While his Mum was a schoolteacher in St Grellan’s, she taught him in first class. So as not to show any favouritism she was extra strict with him. After national school it was Garbally. He has very happy memories of the town. Playing on top of a mountain of fertiliser bags in the yard of Joe and Noreen Murray’s shop, River St with his best friend Jack; down at the October Horse Fair with his cousins from Clare with a couple of ponies; running wild along the canal with the next-door neighbours and his mates Kevin White, Aidan, and Declan Kenny.
He is only back in town the odd time these days. The last time was in 2020 on the Irish General Election campaign trail. Leo Varadkar was speaking at the Shearwater Hotel. He found it strange being back in the town on a story. He remembers doing a piece to camera with a few lads from school looking on in the foyer of the hotel. He doesn’t normally get nervous anymore when on the TV, but he was that day !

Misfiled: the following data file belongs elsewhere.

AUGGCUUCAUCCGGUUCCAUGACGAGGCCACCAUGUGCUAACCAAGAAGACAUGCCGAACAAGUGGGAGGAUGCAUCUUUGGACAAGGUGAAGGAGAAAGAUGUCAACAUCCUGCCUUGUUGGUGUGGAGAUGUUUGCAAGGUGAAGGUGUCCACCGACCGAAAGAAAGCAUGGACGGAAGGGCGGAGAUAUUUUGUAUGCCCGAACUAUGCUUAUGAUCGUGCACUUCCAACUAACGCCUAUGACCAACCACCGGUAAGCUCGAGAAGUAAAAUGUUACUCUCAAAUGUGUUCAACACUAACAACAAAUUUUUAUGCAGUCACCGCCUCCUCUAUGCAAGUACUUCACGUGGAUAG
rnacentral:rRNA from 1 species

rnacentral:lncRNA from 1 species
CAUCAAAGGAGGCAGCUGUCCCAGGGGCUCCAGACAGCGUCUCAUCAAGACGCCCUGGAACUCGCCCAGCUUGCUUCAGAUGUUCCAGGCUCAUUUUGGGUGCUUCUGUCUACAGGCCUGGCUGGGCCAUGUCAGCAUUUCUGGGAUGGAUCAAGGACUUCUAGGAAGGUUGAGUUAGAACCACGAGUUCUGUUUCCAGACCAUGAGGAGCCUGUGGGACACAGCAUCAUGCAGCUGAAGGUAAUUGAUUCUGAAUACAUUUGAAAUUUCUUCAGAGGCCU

It’s difficult to put his finger on one story that was his “big break”. It was more a case of working hard on every story and gradually moving up. He thinks one of the stories he became quite well known for was a special report he did in the sewage system underneath Bucharest many years ago. He spent a couple of days underground interviewing the drug addicts who lived there. That particular report won a lot of awards.
His advice to young people who are interested in getting into journalism:
“Read as much news and analysis as you can and go out of your way to expose yourself to different opinions, not just the ones you feel safe with or agree with. Nothing beats “shoe leather journalism.” Yes, research stuff online, study data-based journalism but at the end of the day many stories involve knocking on doors, picking up the phone, the analogue stuff. If you’ve no contacts in journalism, make them for yourself. Journalists love giving advice to people setting out, so email a few and ask them for help. If you’re reading this and are from Ballinasloe, start with sending me an email" states Paraic.